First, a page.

Qatar human rights entity, Nepal reps. deny ‘slave labor’ allegations

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Seeking to control the damage done by last week’s report in the Guardian detailing labor abuses suffered by Nepali expats in Qatar, representatives from both countries held a press conference in Doha yesterday to refute the allegations.

Mohammad Ramadan, a legal adviser for Nepali nationals who is employed by the Nepali government, said, according to Reuters:

“We deny all that is mentioned in these false reports, and ask the bodies that publish them not to use Nepali workers as a means to achieve their inappropriate targets and agendas.”

“We also stress that all Nepali workers are safe and fully respected.”

The meeting comes two days before FIFA’s executive committee convenes to discuss shifting the 2022 World Cup from the summer to Qatar’s cooler winter months. Also on the agenda is a discussion of migrant labor issues, which were brought back into the spotlight by last week’s report.

During yesterday’s meeting, Ali al-Marri, the chairman of Qatar’s National Human Rights Committee, admitted there have been “some problems” but denied there was a wider labor rights issue.

According to the Peninsulaal-Marri said:

“There is no slavery or forced labour in Qatar…There have been some problems, owing to the fact that there are 44,000 businesses in the country. But I can assure you that the authorities are constantly making efforts to resolve the problems.”

Also speaking at yesterday’s press conference was Narendra Bahadur Bhat, coordinator of Non-Resident Nepalese Association (NARA) Middle East, who disputed the number of Nepali deaths reported in the Guardian, which totaled 44 workers between June 4 and Aug. 8.

The Peninsula reports, citing Bhat:

“A total of 151 Nepalese citizens have died in Qatar this year including 15 at their workplace,” he said, adding the rest had died either in car accidents or of natural causes. “In 2012, Nepalese deaths in Qatar numbered 276, including 55, that is 20 percent, at their workplace.”

Workplace accidents have so far only accounted for 10 percent of deaths in 2013, Nepali legal adviser Ramadan added.

None of the Nepalese embassy officials who typically speak to local media and have previously discussed labor abuses here were on the panel. They have also been unavailable via phone for the past three days.

But previously, Second Secretary Harihar Kant Poudel told Doha News that working conditions such as lack of food, water and working in high temperatures played a role in Nepali construction workers’ deaths.

A record 32 Nepalis died in July, and many of the deceased were men in their 20s who reportedly suffered heart attacks. But Poudel suggested that some deaths were attributed to heart problems to cover up on-site accidents, saying:

“There have been cases where we have suspected that there has been a mutual understanding between the doctor and the company, and the doctor has made a false report saying that they died of cardiac arrest – it is easier for a company to say they died of that.”

Meanwhile, the Nepalese Ambassador to Qatar, who has been recalled by her government over poor diplomatic conduct and will be leaving this week, told reporters that she never called the country “an open jail.”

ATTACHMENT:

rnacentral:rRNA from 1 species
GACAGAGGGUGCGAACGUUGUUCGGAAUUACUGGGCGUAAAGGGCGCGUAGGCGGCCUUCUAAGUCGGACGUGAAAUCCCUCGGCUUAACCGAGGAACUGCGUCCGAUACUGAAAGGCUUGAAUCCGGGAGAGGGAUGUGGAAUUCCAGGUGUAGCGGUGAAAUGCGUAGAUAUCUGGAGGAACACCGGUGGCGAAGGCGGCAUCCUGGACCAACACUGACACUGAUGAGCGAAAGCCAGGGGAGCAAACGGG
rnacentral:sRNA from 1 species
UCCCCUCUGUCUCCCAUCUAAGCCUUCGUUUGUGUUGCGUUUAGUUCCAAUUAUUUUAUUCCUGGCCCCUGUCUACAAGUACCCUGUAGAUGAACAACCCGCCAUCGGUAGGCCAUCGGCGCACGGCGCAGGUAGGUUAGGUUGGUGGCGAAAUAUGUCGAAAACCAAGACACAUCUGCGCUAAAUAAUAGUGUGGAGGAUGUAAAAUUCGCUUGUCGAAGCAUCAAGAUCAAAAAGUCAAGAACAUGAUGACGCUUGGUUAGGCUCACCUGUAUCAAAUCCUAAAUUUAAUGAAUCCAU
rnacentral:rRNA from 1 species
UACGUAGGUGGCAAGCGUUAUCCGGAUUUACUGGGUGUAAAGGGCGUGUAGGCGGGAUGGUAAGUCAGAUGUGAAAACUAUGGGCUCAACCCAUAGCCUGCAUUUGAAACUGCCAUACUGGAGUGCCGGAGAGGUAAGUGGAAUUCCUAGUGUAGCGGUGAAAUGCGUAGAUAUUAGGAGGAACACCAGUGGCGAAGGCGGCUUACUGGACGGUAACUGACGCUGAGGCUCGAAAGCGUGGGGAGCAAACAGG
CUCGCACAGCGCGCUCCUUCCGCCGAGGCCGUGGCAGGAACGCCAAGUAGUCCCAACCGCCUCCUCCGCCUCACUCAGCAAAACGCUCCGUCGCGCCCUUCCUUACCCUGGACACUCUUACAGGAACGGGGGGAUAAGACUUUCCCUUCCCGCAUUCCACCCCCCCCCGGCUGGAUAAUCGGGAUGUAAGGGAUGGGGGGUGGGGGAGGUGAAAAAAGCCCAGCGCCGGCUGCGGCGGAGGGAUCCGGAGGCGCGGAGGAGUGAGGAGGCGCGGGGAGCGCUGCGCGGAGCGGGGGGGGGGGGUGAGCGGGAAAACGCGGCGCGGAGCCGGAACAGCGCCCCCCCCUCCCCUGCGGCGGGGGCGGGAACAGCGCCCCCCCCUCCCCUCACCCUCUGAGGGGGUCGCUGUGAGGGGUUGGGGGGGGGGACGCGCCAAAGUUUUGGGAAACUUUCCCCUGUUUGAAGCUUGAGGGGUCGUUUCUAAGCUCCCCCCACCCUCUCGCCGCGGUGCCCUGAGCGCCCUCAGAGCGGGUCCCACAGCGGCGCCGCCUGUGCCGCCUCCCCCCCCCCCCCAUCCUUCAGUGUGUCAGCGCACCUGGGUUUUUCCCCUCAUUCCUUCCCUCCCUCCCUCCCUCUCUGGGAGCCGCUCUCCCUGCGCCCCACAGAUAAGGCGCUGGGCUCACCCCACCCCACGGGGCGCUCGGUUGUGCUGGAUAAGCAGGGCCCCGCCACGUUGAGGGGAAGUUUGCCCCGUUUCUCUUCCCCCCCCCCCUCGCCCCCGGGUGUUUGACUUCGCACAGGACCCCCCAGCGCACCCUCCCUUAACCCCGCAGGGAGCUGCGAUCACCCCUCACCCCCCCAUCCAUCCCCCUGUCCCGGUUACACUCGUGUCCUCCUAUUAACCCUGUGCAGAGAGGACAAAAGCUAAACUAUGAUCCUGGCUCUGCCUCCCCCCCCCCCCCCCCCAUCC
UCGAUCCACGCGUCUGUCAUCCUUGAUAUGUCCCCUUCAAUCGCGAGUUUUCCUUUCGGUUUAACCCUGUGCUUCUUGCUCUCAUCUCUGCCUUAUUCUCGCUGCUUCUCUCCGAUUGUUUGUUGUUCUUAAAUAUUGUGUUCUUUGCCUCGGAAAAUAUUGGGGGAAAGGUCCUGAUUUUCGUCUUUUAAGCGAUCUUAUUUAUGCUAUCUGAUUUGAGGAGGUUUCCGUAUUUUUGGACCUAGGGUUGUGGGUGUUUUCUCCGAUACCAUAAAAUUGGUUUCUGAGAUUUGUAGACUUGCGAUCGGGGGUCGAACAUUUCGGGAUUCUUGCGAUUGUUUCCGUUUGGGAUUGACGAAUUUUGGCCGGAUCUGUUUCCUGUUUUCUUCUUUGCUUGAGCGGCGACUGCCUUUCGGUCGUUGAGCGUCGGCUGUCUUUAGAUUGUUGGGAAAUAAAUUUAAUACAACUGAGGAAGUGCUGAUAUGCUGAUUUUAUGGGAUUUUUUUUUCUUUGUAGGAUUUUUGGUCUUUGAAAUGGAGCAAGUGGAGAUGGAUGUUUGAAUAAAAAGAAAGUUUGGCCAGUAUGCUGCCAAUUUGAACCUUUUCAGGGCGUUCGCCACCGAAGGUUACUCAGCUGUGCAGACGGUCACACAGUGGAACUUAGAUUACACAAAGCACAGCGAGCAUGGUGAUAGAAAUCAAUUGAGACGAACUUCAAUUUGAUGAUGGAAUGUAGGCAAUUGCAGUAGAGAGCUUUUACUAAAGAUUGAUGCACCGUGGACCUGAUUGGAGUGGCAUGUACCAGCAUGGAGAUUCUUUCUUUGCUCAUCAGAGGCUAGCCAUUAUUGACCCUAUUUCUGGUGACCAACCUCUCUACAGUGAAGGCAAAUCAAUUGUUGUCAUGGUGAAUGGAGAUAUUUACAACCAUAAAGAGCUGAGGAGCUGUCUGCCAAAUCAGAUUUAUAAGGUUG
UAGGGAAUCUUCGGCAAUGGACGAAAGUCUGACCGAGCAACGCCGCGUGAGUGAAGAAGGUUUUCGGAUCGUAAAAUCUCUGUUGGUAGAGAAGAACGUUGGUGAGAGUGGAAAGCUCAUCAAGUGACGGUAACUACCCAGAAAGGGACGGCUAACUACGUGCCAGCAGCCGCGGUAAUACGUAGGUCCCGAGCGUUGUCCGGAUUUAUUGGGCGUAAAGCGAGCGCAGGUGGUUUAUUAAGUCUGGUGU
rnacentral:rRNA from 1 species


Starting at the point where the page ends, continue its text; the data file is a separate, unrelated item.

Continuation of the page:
Despite acknowledging and apologizing for those remarks earlier this year, (which can be viewed here), Dr. Maya Kumari Sharma now said “it was the creation” of journalists from her country.

She added that the Guardian’s report was “wholly baseless and “a figment of the journalist’s imagination.”

There was no mention of the video footage of the 30-some Nepali men seeking shelter in a villa behind the embassy, who told the Guardian that they had problems with their sponsors in terms of payment of wages, and that the police would not help them.

Gulf Times, who interviewed Sharma yesterday, reports:

For about four years the unskilled Nepalese workers received a total salary of QR800 (including QR200 as food allowance). “Right now most companies are paying QR900 as salary and another QR300 as food allowance to their Nepalese workers,” she said while adding that even the revised salary is barely enough at a time when the living expenses have soared.

Asked if she had visited any labour camp during her nearly 18-month tenure in Qatar, Sharma said she had visited one camp and conditions there were found to be good.

Not all government-backed entities responded similarly to last week’s report. On Thursday, Qatar’s 2022 Supreme Committee released a statement, saying:

“Like everyone viewing the video and images, and reading the accompanying texts, we are appalled by the findings presented in The Guardian’s report. There is no excuse for any worker in Qatar, or anywhere else, to be treated in this manner.

Qatar’s Minister of Labor and Social Affairs also acknowledged the report this week, outlining a plan to tackle worker abuses, including stepping up enforcement of laws that are already in place to protect employees. 

That low-income expats here are vulnerable to mistreatment, which includes unhygienic accommodations, unpaid or late wages, the confiscation of passports and other abuses, have also been documented by other groups, including Human Rights Watch.

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Credit: Photo by Habeeb Abu-Futtaim Photography

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